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Unknown Pleasures

Unknown Pleasures [Kindle Edition]

Peter Hook
4.2 out of 5 stars  See all reviews (47 customer reviews)

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Hardcover £16.00  
Paperback £7.99  
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Product Description


'The current, bitter feud between Hook and Bernard Sumner...simmers throughout, with frequent airings of what Hook views as the guitarist's meanness and laziness, tempered with admiration for his playing - Observer

Hook writes with real enthusiasm about the unlikely lads who ended up forming two of Britain's most influential bands... he is genuinely funny - Sunday Times

An immense account of Joy Division's rise, cataloguing the group's struggle for recognition... Having read Hook's book, you'll feel like you were he fifth member of the band - GQ

The most colourful and intimate account of Joy Division ever written... explaining the creation of his band's remarkable music with all the passion and insight it deserves' - Mojo

This is an honest, enthusiastic account of the life and times of the band... It s a window like no other into the reality of life in this most aloof of bands Metro

This memoir is a bittersweet, profanity filled recollection of their brief existence, delivered with much, often indiscreet detail. If you like Joy Division, you really have to read it' - Q Magazine

A lucid and unromantic account of the band's short life and a veritable treasure trove for those aforementioned fans... truly heart-wrenching - Live4ever Ezine

A memoir of the recording of that legendary first album and an insider's look at a band that has moved into myth... He's frank, incredibly funny, and isn't shy about talking about his book' - Artrocker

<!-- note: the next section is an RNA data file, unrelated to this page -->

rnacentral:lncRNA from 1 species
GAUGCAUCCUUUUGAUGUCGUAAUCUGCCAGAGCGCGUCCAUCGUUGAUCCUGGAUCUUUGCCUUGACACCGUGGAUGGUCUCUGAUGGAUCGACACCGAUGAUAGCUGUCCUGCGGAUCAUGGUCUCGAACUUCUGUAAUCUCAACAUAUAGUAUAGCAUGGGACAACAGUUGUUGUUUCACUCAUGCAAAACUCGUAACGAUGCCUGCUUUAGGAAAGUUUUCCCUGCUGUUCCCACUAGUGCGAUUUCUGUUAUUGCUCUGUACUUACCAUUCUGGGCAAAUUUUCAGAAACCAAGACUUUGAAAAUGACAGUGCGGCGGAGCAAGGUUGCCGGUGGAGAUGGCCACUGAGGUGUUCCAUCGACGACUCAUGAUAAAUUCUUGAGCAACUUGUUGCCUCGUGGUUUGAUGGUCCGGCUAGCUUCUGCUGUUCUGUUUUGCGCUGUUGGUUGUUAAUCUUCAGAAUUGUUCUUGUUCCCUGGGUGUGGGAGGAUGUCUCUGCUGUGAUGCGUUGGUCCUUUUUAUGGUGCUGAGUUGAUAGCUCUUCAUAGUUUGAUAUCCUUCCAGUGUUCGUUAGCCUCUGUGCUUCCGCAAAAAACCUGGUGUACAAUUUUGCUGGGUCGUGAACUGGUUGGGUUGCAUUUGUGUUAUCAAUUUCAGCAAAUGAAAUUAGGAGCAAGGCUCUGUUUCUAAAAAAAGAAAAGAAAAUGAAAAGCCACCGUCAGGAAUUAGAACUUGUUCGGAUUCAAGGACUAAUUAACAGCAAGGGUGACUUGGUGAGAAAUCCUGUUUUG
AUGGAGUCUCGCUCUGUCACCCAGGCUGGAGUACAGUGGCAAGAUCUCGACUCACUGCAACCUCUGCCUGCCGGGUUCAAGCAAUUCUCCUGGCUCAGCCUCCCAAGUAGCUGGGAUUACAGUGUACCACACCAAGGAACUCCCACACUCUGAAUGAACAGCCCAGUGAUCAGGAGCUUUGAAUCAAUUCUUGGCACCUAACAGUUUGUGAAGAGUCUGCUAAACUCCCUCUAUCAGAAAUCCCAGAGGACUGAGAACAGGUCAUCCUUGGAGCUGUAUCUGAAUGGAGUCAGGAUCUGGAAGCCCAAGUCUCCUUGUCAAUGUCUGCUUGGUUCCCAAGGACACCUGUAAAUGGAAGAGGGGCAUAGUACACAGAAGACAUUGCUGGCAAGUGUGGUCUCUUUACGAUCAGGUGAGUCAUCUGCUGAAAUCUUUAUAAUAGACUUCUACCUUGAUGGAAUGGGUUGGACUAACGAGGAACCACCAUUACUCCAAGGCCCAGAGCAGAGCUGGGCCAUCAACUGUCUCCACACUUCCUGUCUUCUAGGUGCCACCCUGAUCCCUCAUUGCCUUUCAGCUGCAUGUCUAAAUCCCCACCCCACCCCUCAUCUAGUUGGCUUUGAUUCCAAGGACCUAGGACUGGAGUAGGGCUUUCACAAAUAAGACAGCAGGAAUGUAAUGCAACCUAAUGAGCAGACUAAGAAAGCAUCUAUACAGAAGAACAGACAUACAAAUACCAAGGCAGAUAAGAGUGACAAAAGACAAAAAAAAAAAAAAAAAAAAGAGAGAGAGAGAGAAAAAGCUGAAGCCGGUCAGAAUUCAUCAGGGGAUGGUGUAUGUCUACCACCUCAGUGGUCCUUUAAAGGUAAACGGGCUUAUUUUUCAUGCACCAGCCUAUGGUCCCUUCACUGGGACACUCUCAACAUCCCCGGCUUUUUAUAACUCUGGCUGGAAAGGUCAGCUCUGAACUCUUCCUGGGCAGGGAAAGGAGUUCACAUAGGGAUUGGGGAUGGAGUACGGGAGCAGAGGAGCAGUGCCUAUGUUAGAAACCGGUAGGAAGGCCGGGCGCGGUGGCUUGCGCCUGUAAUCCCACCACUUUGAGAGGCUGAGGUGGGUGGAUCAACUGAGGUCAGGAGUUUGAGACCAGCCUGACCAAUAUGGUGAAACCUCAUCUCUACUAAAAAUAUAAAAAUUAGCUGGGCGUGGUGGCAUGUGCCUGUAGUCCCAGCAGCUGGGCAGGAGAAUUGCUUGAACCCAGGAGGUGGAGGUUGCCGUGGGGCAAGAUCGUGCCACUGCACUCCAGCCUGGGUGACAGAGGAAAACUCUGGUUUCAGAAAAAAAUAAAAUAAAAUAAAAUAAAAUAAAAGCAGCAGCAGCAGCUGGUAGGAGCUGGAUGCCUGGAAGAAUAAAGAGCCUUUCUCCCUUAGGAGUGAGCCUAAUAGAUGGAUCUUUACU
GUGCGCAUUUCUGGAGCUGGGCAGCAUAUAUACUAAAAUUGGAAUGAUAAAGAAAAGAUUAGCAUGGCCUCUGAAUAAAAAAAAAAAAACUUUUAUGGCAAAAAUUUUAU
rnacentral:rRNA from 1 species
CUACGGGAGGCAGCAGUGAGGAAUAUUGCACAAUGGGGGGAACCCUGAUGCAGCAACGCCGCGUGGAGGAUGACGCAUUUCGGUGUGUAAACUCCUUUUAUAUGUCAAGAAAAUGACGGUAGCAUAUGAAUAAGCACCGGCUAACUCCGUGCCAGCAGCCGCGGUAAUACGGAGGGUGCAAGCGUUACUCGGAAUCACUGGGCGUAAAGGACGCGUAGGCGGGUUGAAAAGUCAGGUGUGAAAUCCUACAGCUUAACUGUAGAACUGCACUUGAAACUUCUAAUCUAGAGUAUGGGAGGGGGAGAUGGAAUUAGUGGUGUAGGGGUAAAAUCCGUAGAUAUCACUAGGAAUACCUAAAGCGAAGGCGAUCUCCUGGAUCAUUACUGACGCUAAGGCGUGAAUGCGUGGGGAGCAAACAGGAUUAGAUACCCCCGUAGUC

Peter Hook's Unknown Pleasures: Inside Joy Division is refreshingly no-nonsense account of the band's brief career - Uncut

Hook has restored a flesh-and-blood rawness to what was becoming a standard tale. Few pop music books manage that --Big Issue

'The Joy Division story often appears misleadingly neat in the telling: two near perfect albums of unusual grace and gravity, then a human catastrophe which forced the surviving members into a new life as New Order... Hook's mission is to relate the chaotic day-to-day existence of four young men kids, really before it was smoothed into legend' - Dorian Lynskey, The Observer

'This new Joy Division biography by the band s bassist "isn't just Peter Hook collecting some already exhausted stories for a quick pay out," Michelle Kambasha writes in Clash. "It provides a kind of personal insight that most of us haven t been privy to until now." The Joy Division story is steeped in layer upon layer of myth. "Hook's mission," writes Dorian Lynskey in The Observer, "is to relate the chaotic day-to-day existence of four young men kids, really before it was smoothed into legend." This is accomplished, according to Lynskey, through the author's characteristic straightforwardness and lack of pretension: "The demystification process starts with Hook's portrayal of himself as a laddish delinquent who, thunderstruck by punk rock, spontaneously decides to form a band with Salford schoolfriend Bernard Sumner." "What makes Hook s book so refreshing is the lack of linguistic and intellectual showboating, and its simple laying of facts on the line," notes Tony Clayton-Lea in the Irish Times, admiring Hook s unaffected style. The book emphasises the band's focus on music, fun and friendship famously at the expense of even a semblance of business-mindedness: it was only in 2008 that Hook "discovered neither Joy Division nor New Order had trademarked or registered their names." But hanging over every youthful anecdote is Hook's knowledge, shared with the reader, of Ian Curtis' impending suicide. As Lynskey writes: "So the tragedy infects the farce, as Curtis's ultimate fate casts ostensibly amusing on-the-road antics as symptoms of denial: never mind the worsening fits and self-haharming, --Review Round-Up, New Statesman

Product Description

A Simon & Schuster eBook. Simon & Schuster has a great book for every reader.

Product details

  • Format: Kindle Edition
  • File Size: 1997 KB
  • Print Length: 336 pages
  • Publisher: Simon & Schuster UK; 1st Edition edition (27 Sep 2012)
  • Language: English
  • ASIN: B007IL5C3O
  • Text-to-Speech: Enabled
  • X-Ray:
  • Word Wise: Not Enabled
  • Average Customer Review: 4.2 out of 5 stars  See all reviews (47 customer reviews)
  • Amazon Bestsellers Rank: #232,585 Paid in Kindle Store (See Top 100 Paid in Kindle Store)
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Customer Reviews